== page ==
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  Decontamination News

Thousands of Canadians dying from hospital-acquired bugs

By Tom Blackwell, posted at, Jan. 20, 2015

Two hospitals in Toronto and one in Quebec, for instance, announced independently in the late 2000s that they had discovered contaminated sinks were the source of separate, deadly outbreaks of infection.

Some word of the episodes got out through specialized medical journal articles, academic conferences and sporadic news stories. But there is no systematic way of disseminating such information across the system, said Darrell Horn, a former patient-safety investigator for the Winnipeg Region Health Authority.

"You could sit and call every hospital in the country, and ask them when was the last time they cleaned the sink in the (neonatal intensive care unit) and how they cleaned it, and you'd get nothing but blank stares," he said.

Health care is paying much more attention, at least, to the hospital-acquired infection (HAI) problem than it did a decade ago, said Dr. Michael Gardam, infection-control director at Toronto's University Health Network.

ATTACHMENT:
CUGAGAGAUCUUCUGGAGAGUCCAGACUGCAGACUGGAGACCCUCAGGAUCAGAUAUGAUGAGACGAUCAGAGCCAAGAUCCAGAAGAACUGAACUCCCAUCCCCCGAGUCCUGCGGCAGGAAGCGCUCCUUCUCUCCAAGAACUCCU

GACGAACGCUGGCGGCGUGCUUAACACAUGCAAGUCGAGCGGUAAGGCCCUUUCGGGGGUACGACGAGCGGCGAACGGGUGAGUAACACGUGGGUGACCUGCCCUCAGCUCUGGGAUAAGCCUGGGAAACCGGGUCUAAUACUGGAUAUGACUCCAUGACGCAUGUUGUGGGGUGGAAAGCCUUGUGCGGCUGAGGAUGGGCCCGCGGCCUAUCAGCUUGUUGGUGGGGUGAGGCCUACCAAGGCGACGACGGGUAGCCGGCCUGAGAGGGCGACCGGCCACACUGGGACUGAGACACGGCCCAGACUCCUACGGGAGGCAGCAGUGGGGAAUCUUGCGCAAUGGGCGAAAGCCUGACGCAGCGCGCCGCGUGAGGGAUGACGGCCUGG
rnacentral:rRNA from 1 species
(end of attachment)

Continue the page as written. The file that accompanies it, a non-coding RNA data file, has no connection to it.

While not every surgical infection is preventable, "they can be dramatically minimized", Gardam said.

Some provinces, such as Ontario and British Columbia, require hospitals to report to the government on a few common infections, such as C. difficile, blood infections transmitted by the "central lines" used to access major blood vessels, and pneumonia from ventilator use. Ontario hospitals must report their compliance with tactics designed to prevent surgical infections, though not the infections themselves.

Experts debate whether publicly reporting data actually benefits health care, but a 2012 study found that C. difficile rates in Ontario hospitals dropped by 25 per cent after the province started divulging statistics on the disease.

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